Are there any plans for example to make minor adaptions to English style issues that some have noticed in certain passages? Examples of the kinds of English style issues some are raising would include:
-unusual word order (eg Mark 8:34, “And he called to him the crowd”.
-over use of connecting words such as “and” (eg Acts 16 where someone has counted that there are 72 occurrences of “and” in 40 verses. Four of those are in verse 29, and another four in verse 33)
-The use of certain words which may be obsolete or not understood in the same way by modern readers eg “lest”, and “Know” in the sense of sexual knowledge

Sadly the translators didnt address any of the points above. We do know, however from this independent online analysis which I am assured is accurate that the translators have already seen fit to make a number of minor changes.

It seems that the translators haven’t fully appreciated the blogosphers’s insatiable desire for detailed knowledge and to have the opporunity to think for itself. I would love to know changes that were afoot in the ESV and you can bet that if a verse I was preaching on was due for a
change it would be highly likely I would point that out.

Detailed translation notes such as those provided with the NET translation would be most welcome. Perhaps that is what they have in mind for their study bible which
sadly is not expected before the fall of 2008 (it better be worth the wait!)

Bloggers would also love to be able to interact with each other, scholars and even occassionally the translators themselves as Wayne has proposed over at better bibles blog. The trouble is that the kind of robust comment that bloggers make can be interpreted as criticism by corporations. I think there is a need for more understanding on both sides- the more detail the better for the blogger, but perhaps bloggers need to learn to adjust the tone of their comments slightly.

Discussion lists could increase the sense of community and sense of ownership around something like a bible translation. I suspect that the groups that logos runs for their bible software has been helpful to them.

Due to the difficulties of an organisation like Crossway running such a discussion group, perhaps it is something that could be run independently, although it would beb nice if ESV scholars would
participate.

As a preacher I would love a forum where I could pose a question about a particular verse and know that people who knew more about the original languages than I would respond. Blogging may be a format that could be used for that kind of thing, especially if some NT scholars could be pursuaded to start a blog. <!– D(["mb","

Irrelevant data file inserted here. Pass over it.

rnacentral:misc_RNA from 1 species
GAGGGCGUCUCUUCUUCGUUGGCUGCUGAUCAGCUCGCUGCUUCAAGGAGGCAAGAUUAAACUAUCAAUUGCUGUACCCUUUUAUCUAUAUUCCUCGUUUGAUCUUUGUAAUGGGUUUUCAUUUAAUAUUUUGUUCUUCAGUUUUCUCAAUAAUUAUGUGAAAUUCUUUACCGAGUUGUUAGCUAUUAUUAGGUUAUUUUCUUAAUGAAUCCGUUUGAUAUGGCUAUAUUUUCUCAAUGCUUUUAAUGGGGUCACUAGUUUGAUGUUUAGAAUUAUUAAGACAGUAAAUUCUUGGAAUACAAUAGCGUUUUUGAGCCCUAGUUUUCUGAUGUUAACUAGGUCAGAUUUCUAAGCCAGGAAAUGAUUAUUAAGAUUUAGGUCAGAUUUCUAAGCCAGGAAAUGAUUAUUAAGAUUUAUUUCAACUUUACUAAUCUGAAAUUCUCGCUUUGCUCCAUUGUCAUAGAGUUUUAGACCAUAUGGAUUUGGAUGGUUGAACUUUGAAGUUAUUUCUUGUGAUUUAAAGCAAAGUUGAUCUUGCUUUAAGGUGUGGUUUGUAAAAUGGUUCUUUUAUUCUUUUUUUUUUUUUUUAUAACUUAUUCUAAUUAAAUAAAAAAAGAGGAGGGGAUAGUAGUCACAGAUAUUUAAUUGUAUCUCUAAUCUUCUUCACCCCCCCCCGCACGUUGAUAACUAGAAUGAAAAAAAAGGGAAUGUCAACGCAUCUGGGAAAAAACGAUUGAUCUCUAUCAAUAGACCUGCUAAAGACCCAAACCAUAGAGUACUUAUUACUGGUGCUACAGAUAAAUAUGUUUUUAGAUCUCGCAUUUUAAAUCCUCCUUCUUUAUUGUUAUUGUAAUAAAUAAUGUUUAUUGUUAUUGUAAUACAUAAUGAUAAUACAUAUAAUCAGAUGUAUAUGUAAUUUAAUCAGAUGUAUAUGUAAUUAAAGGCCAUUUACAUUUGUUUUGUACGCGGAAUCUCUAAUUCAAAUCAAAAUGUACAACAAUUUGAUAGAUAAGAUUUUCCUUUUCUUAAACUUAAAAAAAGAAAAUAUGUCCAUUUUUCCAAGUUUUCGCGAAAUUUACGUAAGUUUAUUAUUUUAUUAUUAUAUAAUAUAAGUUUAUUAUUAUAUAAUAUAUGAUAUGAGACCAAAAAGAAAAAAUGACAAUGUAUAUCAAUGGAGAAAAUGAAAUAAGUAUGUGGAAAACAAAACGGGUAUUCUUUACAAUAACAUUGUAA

- Show quoted text -

On 6/21/05, Adrian Warnock <adrian.warnock@gmail.com> wrote:
> Increase the sense of community and sense of ownership around a product.
>
> Due to the difficulties of an organisation like Crossway running such
> a discussion group, perhaps it is something that could be run
> independentlY, although it would beb nice if ESV scholars would
> participate.
>
> As a preacher I would love a forum where I could pose a question about
> a particular verse and know that people who knew more
>
> ---
> Detailed translation notes such as those provided with the NET
> translation would be most welcome.
>
>
> On 6/21/05, Adrian Warnock <adrian.warnock@gmail.com> wrote:
> > Perhaps Crossway haven't fully appreciated the blogosphers's
> > insatiable desire for detailed knowledge and to have the opporunity to
> > think for itself. I would love to know changes that were afoot in the
> > ESV and you can bet that if a verse I was preaching on was due for a
> > change it would be highly likely I would point that out. Bloggers
> > would also love to be able to interact with each other, scholars and
> > even occassionally the translators themselves as Wayne has proposed
> > over at... Discussion lists can inc
> >
> >
> > On 6/21/05, Adrian Warnock <adrian.warnock@gmail.com> wrote:
> > > This answer is tantilising. There appears to be an aknowledgement that
> > > there are places that the ESV could be improved. Sadly, though the
> > > translators didn't see fit to answer even my general summary of some
",1] ); //–>

Comment on this post for your chance to win a free ESV Bible.

About Adrian Warnock

Adrian Warnock has been a blogger since April 2003, and part of the leadership team of Jubilee Church, London for more than ten years, serving alongside Tope Koleoso. Together they have written Hope Reborn - How to Become a Christian and Live for Jesus, published by Christian Focus.

Adrian is also the author of Raised With Christ - How The Resurrection Changes Everything, published by Crossway. Read more about Adrian Warnock or connect with him on Twitter, Facebook or Google+.